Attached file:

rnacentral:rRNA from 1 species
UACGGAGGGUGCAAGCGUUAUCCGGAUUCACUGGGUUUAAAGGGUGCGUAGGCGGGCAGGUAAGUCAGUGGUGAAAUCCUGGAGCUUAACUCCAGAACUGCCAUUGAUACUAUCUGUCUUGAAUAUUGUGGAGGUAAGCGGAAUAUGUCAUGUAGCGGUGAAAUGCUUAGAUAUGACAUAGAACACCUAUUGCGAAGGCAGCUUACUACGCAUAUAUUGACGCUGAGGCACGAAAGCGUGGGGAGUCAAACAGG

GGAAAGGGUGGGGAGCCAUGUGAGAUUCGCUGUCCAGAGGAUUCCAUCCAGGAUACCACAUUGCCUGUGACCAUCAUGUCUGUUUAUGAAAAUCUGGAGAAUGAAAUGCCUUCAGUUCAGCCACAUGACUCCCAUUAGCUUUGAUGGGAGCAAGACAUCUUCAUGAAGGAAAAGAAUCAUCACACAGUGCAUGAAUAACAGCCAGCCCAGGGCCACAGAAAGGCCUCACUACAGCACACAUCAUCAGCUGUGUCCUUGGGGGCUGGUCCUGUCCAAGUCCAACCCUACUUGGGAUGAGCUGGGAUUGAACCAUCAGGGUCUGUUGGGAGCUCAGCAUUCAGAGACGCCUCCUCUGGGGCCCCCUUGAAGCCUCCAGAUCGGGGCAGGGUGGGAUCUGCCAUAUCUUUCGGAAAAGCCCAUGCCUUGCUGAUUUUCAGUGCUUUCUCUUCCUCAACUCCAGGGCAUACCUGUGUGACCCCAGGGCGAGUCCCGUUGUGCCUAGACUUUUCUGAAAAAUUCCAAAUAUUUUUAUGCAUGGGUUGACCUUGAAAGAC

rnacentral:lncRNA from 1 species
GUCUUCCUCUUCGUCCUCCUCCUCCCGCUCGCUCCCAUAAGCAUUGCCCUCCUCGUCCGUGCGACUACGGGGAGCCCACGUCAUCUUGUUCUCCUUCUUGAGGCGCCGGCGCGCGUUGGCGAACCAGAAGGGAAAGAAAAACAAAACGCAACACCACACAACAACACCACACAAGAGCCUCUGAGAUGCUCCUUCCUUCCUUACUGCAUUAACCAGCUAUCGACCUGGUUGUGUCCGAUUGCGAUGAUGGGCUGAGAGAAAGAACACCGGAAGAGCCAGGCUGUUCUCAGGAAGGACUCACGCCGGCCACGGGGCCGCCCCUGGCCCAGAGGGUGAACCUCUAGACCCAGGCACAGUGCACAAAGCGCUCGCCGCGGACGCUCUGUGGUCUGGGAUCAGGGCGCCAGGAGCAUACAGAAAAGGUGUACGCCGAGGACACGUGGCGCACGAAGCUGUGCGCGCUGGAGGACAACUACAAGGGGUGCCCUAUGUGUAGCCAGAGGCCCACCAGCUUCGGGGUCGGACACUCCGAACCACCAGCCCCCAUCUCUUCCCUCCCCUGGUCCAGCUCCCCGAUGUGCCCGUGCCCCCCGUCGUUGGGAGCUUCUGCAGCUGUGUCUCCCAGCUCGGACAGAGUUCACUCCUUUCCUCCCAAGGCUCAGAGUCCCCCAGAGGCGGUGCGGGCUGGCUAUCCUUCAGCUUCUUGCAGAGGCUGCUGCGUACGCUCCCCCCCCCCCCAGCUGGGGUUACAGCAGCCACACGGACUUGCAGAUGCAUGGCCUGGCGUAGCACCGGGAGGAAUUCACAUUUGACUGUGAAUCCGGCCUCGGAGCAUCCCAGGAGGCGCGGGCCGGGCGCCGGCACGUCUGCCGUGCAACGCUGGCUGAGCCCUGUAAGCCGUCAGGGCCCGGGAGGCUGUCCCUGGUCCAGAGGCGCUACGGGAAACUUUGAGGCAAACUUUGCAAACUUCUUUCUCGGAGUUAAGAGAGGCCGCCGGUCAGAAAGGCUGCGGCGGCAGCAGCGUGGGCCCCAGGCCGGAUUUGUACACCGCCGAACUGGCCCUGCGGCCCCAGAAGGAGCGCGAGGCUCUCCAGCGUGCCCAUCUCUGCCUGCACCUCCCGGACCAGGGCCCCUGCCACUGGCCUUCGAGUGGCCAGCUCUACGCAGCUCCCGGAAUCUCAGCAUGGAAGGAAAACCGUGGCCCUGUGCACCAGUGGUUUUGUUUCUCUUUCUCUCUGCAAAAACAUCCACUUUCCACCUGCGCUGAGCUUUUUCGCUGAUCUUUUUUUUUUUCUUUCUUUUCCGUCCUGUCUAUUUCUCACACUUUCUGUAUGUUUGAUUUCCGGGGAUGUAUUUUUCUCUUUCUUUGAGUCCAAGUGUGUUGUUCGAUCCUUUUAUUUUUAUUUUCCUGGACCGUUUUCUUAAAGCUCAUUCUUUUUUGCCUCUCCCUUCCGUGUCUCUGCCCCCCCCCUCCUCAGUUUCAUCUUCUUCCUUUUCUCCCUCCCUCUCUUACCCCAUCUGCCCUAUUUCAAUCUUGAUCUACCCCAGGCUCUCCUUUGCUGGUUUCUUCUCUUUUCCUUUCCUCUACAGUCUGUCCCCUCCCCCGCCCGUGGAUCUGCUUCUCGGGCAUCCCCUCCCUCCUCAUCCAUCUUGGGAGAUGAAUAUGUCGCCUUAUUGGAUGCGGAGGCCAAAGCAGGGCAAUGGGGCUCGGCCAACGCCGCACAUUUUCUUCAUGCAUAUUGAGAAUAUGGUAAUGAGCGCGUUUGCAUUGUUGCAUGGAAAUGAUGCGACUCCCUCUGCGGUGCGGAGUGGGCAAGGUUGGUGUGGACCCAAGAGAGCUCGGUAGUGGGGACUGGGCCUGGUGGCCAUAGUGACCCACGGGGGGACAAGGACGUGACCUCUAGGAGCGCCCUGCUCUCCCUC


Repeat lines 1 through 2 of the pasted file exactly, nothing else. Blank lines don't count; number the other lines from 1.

rnacentral:rRNA from 1 species
UACGGAGGGUGCAAGCGUUAUCCGGAUUCACUGGGUUUAAAGGGUGCGUAGGCGGGCAGGUAAGUCAGUGGUGAAAUCCUGGAGCUUAACUCCAGAACUGCCAUUGAUACUAUCUGUCUUGAAUAUUGUGGAGGUAAGCGGAAUAUGUCAUGUAGCGGUGAAAUGCUUAGAUAUGACAUAGAACACCUAUUGCGAAGGCAGCUUACUACGCAUAUAUUGACGCUGAGGCACGAAAGCGUGGGGAGUCAAACAGG